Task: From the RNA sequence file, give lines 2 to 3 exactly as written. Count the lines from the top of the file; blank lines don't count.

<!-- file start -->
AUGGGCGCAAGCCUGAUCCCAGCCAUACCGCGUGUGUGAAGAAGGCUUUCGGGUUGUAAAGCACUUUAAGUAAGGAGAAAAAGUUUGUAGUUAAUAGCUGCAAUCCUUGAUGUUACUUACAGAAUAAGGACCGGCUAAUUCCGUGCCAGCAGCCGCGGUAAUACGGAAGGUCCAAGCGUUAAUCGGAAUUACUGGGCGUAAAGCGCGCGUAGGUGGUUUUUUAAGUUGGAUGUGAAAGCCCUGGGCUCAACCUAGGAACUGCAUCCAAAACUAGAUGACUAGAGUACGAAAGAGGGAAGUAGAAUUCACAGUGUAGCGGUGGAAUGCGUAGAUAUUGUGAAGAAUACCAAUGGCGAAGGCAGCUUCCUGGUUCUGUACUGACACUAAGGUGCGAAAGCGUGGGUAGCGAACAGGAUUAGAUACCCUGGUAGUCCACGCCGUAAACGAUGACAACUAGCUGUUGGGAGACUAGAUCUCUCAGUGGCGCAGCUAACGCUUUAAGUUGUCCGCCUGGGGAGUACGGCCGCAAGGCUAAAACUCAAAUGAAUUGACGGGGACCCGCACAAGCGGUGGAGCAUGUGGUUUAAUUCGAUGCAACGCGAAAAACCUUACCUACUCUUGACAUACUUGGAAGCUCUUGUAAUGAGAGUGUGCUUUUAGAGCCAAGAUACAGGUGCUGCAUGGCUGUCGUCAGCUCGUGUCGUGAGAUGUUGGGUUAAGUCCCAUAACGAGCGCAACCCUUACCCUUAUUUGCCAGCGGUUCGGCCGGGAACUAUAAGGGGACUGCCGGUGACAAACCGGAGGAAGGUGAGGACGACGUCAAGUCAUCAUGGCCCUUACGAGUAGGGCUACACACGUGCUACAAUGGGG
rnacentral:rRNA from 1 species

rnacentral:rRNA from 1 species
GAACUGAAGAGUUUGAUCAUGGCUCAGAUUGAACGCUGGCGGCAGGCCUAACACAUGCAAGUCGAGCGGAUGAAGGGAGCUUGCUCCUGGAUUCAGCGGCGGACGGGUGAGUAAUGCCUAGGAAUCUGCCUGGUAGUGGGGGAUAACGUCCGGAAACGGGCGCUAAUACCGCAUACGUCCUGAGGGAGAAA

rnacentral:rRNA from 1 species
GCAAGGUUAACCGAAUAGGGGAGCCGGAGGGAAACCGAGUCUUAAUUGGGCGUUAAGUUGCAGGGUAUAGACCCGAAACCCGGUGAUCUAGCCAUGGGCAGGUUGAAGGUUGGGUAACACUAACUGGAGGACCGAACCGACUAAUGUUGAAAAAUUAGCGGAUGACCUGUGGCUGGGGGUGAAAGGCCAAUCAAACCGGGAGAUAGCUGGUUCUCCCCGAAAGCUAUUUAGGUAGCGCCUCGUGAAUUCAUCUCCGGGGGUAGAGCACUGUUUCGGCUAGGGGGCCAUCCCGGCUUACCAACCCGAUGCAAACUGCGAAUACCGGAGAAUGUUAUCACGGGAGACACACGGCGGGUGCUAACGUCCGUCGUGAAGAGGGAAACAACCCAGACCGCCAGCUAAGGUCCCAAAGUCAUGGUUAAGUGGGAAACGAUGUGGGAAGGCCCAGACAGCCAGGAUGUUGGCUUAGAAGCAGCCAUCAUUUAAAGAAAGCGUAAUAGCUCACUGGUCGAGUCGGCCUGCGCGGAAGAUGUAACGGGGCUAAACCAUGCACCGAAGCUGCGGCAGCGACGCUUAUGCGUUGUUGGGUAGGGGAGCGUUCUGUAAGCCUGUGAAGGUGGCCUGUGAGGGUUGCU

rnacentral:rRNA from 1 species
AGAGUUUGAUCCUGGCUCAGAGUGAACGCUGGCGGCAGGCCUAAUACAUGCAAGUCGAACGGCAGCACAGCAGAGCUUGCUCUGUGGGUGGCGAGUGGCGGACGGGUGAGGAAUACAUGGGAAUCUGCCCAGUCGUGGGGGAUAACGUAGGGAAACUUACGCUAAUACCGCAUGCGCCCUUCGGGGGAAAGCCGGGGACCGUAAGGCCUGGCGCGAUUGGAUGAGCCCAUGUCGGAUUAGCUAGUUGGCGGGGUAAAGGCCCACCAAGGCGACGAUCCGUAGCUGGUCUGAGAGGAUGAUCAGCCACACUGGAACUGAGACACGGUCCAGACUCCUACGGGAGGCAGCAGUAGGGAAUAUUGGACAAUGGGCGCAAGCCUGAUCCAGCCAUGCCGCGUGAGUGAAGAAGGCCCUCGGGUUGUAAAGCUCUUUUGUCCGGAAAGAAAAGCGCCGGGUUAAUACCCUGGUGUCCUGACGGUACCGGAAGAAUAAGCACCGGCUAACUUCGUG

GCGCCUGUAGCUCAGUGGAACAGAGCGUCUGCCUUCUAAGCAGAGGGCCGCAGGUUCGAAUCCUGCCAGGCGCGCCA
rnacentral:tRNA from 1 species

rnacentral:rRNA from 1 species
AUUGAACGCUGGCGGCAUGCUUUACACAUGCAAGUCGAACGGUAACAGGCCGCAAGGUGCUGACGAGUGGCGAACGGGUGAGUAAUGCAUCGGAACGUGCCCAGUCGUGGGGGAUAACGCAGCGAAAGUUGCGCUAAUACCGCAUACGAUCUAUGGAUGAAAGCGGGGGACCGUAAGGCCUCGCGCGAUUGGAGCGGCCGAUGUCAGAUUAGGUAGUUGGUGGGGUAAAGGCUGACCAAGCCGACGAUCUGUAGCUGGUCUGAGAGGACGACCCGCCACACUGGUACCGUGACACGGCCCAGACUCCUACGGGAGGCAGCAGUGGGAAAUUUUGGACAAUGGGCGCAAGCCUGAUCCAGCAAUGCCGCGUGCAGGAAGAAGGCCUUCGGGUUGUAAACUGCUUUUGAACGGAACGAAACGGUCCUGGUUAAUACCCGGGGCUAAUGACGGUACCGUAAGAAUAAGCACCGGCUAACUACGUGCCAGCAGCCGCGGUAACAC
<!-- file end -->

rnacentral:rRNA from 1 species

rnacentral:rRNA from 1 species